After 9 weeks of working on elimination and new routines, it’s time to implement something that adds time and energy back to your life.
Eliminating gluten and grains will have a bigger impact on your overall sense of wellness and your body composition than any other single change you can make.
The first time I completely eliminated gluten for 21 days I couldn’t believe the difference. It was like a fog within my head had been lifted. My ability to focus improved drastically, my energy levels were consistent throughout the day for the first time in my life, and I shed 15 pounds even though I was already at around 9-10% bodyfat at the time. The difference in my skin was the most profound and noticeable change. I had always struggled with acne, but all that cleared up within the first 10 days of elimination for the first time since I was 13 years old. Until I gave up gluten I also didn’t realize how mucousy I was all the time.
Another benefit of being grain and gluten free I’ve come to appreciate more at age 32 than I did at 25 is how much better my joints feel. When I eat grains (due to social conventions, lack of other options or just plain indulgence) I notice a distinct difference in how my joints feel. I wake up in the morning with a stiff back and neck, achy knees and inflamed elbows, especially if I trained hard the day before. When I’ve been grain free for at least 14 days all that goes away along with any water I may have been retaining.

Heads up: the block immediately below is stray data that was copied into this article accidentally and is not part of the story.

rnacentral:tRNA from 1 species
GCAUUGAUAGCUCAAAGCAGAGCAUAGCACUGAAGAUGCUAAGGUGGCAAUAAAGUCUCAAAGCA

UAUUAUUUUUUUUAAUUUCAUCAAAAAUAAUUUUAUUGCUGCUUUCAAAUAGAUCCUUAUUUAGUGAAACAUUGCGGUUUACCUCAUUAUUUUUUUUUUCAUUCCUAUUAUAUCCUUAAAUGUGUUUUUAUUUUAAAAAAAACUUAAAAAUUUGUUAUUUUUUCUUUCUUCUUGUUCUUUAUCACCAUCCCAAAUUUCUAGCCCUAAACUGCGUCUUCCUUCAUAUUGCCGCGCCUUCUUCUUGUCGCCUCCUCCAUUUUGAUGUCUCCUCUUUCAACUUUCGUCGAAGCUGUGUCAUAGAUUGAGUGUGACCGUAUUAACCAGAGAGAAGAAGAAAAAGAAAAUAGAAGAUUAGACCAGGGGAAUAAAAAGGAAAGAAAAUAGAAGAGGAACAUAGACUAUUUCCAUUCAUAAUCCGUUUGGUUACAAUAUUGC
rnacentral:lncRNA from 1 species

This week we are going to look at an approach to being still, present and attentive to ourselves and our surroundings. By making time to enrich and nurture ourselves internally, we can regain a deep sense of who we are and restore our inner wellbeing by reconnecting with ourselves and with life. This connected state is not far away or out of reach, nor does it require a particular environment within which to discover it. Instead it can be found by simply relearning how to pay attention to what is happening right now, both internally (inside the body) and externally (the environment surrounding us).
What does the word “appreciate” mean? On the surface it means to be thankful, grateful, to value and so on.
There’s another definition of the word that’s used in the financial sector. When shares of stocks increase in value they’re said to “appreciate.” So to appreciate something is to increase its value.
One creative ability we seldom wield to it’s full potential is:
Whatever we give our full unconditional attention to increases effortlessly.
An easy experiment you can do today to hone your ability to appreciate is to give meals your full attention.
If have trouble losing fat even though you’re eating clean and exercising regularly you have probably built up insulin resistance. Insulin resistance occurs when you’ve maintained chronically high blood sugar levels over a long period of time. Usually from a combination of poor diet with too much sugar, eating processed sugars, a lack of healthy fat/protein/fiber, and insufficient exercise. High cortisol levels from chronic stress can also contribute to insulin resistance.
This week you’re going to create an optimal environment for sleep.
A perfect diet and a consistent daily movement training routine are all for naught if you have poor sleep. Making some small changes to your sleeping environment (aka: the bedroom) can have a dramatic effect on the quality of your sleep.
The task this week is to optimize your sleep chamber by going through the following checklist: